Like Uber, Airbnb or WeWork, the Robinhood brokerage app offers only an illusion of democracy
The GameStop saga, for all the havoc it has caused to the global markets, is not just a tale of idealistic individual investors humiliating a bunch of arrogant hedge funds – even if the tides turned on Tuesday, with a plunge in GameStop’s shares. For one, it feels like an unannounced sequel to the 6 January riots on Capitol Hill: both have featured a horde of angry, foul-mouthed social media addicts laying siege to the most sacred institutions of the deeply despised establishment.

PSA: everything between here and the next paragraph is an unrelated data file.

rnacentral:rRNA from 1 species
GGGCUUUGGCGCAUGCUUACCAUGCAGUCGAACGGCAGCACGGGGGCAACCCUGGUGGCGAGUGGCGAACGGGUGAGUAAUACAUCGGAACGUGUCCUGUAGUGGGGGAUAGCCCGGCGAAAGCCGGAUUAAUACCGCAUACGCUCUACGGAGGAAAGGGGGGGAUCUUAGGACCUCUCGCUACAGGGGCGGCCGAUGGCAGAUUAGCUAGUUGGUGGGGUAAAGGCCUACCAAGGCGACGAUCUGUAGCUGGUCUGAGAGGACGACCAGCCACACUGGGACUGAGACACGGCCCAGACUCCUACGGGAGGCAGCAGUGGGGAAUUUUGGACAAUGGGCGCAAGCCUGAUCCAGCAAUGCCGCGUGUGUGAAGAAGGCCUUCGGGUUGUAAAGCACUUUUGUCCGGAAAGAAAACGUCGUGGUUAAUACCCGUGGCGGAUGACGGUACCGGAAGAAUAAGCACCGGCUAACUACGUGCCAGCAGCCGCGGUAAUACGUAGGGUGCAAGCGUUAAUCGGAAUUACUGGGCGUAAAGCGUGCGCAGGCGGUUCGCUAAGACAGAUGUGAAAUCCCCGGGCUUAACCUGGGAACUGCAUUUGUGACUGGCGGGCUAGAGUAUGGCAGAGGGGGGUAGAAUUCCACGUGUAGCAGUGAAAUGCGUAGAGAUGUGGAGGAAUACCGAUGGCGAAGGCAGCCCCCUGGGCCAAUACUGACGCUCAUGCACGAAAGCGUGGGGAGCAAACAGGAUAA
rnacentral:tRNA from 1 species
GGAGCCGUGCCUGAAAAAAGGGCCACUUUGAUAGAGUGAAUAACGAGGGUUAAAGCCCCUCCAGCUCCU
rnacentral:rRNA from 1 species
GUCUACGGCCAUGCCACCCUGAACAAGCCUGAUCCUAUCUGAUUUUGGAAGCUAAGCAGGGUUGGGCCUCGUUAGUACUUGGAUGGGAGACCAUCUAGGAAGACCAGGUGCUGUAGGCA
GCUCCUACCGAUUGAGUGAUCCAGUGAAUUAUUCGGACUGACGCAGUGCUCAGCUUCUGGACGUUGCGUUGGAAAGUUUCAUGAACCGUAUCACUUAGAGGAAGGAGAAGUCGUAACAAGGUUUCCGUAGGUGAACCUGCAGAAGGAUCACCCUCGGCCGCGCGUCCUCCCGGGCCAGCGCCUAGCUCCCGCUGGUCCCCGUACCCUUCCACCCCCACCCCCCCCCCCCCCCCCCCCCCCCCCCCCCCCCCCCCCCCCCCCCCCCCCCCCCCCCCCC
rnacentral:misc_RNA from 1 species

However, while the Washington rioters were universally condemned, those leading the virtual crusade on Wall Street have fared much better. Having defended the stocks of musty, struggling companies against greedy hedge funds, they have garnered some sympathy across the political aisle.
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